May 21 – 6 Easter
Paul in Athens
Background: The Acts of the Apostles is the second portion of Luke’s account of Jesus’ life and ministry and details the formation and growth of Christianity. Within the book of Acts there are three sections with a theme: the spread of the gospel in and around Jerusalem, the spread of the gospel outside Jerusalem but in Israel, and the spread of the gospel outside Israel. Today’s passage falls in the latter portion: the westward expansion of the gospel
Theme: This passage is part of the third stop on Paul’s mission to the Aegean. Previously Paul has preached in Philippi and Thessalonica. Paul has been led by the Holy Spirit to the center of Greek culture – Athens. Paul’s mission is to spread the gospel of Jesus to any who will listen and Paul’s style is one that tries to convert not by coercion but by using the existing societal and cultural structure to point to the message of the gospel of Jesus Christ.
Questions to Ponder:
* Please read Acts 17:22-31 and Acts 17:1-21 for context.
* Briefly describe the setting of this passage. What has happened leading up to this passage? Where does this passage take place?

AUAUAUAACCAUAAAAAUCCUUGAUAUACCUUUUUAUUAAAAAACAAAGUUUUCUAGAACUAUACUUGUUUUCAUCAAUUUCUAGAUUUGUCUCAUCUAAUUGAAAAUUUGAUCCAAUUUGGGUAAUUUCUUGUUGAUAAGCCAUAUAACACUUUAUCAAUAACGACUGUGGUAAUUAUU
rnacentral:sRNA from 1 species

* What was the function of the Areopagus? Why might Luke have Paul speaking there?
* To whom might Paul be speaking in this passage?
* What do you think Paul’s tone is in this passage: sarcasm, compassion, ridicule, or something else?
* Do you think the Athenians might believe that God lived in a temple “made by human hands” or is there some other hidden meaning in his argument?
* Paul quotes two sources or authors in this passage in verse 28. Who were the two sources and what was the significance of those two writers/orators?
* What timeline do you think Paul envisions when he makes the claim in verses 30 and 31?
* To whom might Luke be alluding in this passage about Paul? Why might Luke mirror another, non-Christian image in this sacred text?
* What do you think Paul is emphasizing about the Athenians in this passage?
* What theological claim is Paul making about God and Jesus? How might his claim be in contrast to Jewish (and Greek) tradition?
* How, or why, might this passage be more important in our day than in Paul’s day?
* How might this passage be used in a conversation about “I’m spiritual not religious”?
* What is the connection of this passage, Luke and Paul speaking to the non-believers in Greece and our mission to spread the gospel to the world?
* What challenge does this passage present to us in our context?